Developer(s) – Ripstone Games, Dreadbit & Polygon Hearts
Ironcast is an indie game, developed with the likes of Candy Crush and Jelly Splash in mind, but offers something extremely different; blending it with customization options as well as turn-based RPG combat. For me, it has been one of the best games released on Steam this year so far, since it goes far beyond the level of enjoyment that a simple puzzle game can bring.
Graphics – 7/10
Aside from having a fairly decent range of different robots to command with each playthrough, Ironcast is set in an alternative reality, where the English are still warring with the French by the year 1886, and England has taken on more of a steampunk theme during the Industrial Revolution. The only gripe I have with the game’s visuals is that the setting of each individual stage can become somewhat repetitive after a while. But where the game’s visuals truly excel is in the level of detail of the robots, as they either generate shields, fire weapons or take damage.
Gameplay – 7/10
To progress through each fight, the player must match up different symbols together to collect four different kinds of main resources for their robot; coolant, weapons, energy, and repair substance. These are used to maintain and defend the robot during combat, as well as take down the opposing robot on the other side of the screen. After each battle, the player earns experience points to gain upgrades, as well as money to buy improved weapons and armor. With its Roguelike approach to gameplay, it offers a great deal of entertainment value, as well as a challenging learning curve for players to adapt to in order to progress.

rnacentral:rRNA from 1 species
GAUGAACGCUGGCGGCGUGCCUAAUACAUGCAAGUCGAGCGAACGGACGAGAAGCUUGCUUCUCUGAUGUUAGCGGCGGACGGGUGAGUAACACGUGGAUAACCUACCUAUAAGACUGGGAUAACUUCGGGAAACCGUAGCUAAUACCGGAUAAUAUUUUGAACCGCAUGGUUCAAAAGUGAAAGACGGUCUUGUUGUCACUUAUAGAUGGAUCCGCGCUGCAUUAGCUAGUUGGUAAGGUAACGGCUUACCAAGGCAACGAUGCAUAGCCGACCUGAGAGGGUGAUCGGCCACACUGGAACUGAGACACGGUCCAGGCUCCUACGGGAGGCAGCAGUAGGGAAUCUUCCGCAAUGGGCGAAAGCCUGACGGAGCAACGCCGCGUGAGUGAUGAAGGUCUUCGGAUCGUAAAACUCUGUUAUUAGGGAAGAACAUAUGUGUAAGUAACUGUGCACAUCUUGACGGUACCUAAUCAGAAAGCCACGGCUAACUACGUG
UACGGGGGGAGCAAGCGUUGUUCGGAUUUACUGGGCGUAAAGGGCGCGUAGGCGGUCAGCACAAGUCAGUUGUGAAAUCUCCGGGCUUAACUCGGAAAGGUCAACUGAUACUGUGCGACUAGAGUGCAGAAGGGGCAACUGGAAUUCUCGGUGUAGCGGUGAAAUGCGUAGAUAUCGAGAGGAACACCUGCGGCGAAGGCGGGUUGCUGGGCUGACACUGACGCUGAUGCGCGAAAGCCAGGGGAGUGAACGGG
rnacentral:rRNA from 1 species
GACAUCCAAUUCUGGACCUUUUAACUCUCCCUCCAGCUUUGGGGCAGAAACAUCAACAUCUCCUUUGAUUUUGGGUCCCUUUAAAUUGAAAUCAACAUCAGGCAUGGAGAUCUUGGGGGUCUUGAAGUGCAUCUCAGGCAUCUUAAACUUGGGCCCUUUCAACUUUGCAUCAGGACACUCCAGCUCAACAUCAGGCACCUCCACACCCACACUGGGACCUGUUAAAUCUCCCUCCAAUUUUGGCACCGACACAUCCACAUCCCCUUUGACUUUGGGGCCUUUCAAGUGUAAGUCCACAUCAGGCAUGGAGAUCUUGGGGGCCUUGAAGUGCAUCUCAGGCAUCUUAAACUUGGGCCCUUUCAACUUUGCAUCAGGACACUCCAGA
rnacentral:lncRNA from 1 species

Controls – 10/10
Since it’s a turn-based puzzle game exclusive to PC, there was never going to be an issue with the game’s controls, since the scheme is as straightforward as it could possibly have been. It’s actually quite interesting to learn new ways of joining icons on the puzzle board in order to gain as many of the resources on it as possible. Anyone who has ever played Jelly Splash will have a lot of fun with this game in particular.
Lifespan – 10/10
As I alluded to, Ironcast incorporates elements of the Roguelike genre of gaming, similar to either Rogue Legacy or Tower of Guns, which gives it infinite replay value. Since there are quite a few gameplay options and different styles of play to explore, this makes it all the more meaningful and varied. It has been very refreshing to see the resurgence of the Roguelike genre within the indie industry, and this game is most definitely one of the prominent examples of which.
Storyline – 7/10
The basic premise of the game’s story, as I mentioned, is that the English and the French are at war, and a new ability to wage war has been born in an alternative reality to our own. Soldiers are now fighting with machines known as Ironcasts, and the player character is on the side of the English and must do everything in their power to stave off the French advancement. It’s a pretty typical story, reminiscent of any story in either the Battlefield or the Call of Duty franchises, but although there isn’t any spoken dialogue, the characters still have a lot more personality than many of the characters in any of the aforementioned examples at least.
Originality – 7/10
For the longest time, I would look at games such as Candy Crush and Jelly Splash and think that there surely must be some way to modify the same existing formula to make it even more remotely interesting than those games are. Alas, the developers of this game have come up with a very interesting answer to that question, and have made for possibly the most interesting puzzle game I’ve seen since Tetris. If this is the kind of gaming experience that Ripstone Games can conceive, I’m looking forward to what they can possibly go on to do in the future.
Overall, Ironcast is an immensely pleasing title, and I highly recommend it to anyone with a Steam account. It’s an interesting puzzle-based RPG, which can be enjoyed at player’s leisure as opposed to them having to wait for hours at a time for lives to regenerate.
8/10 (Very Good)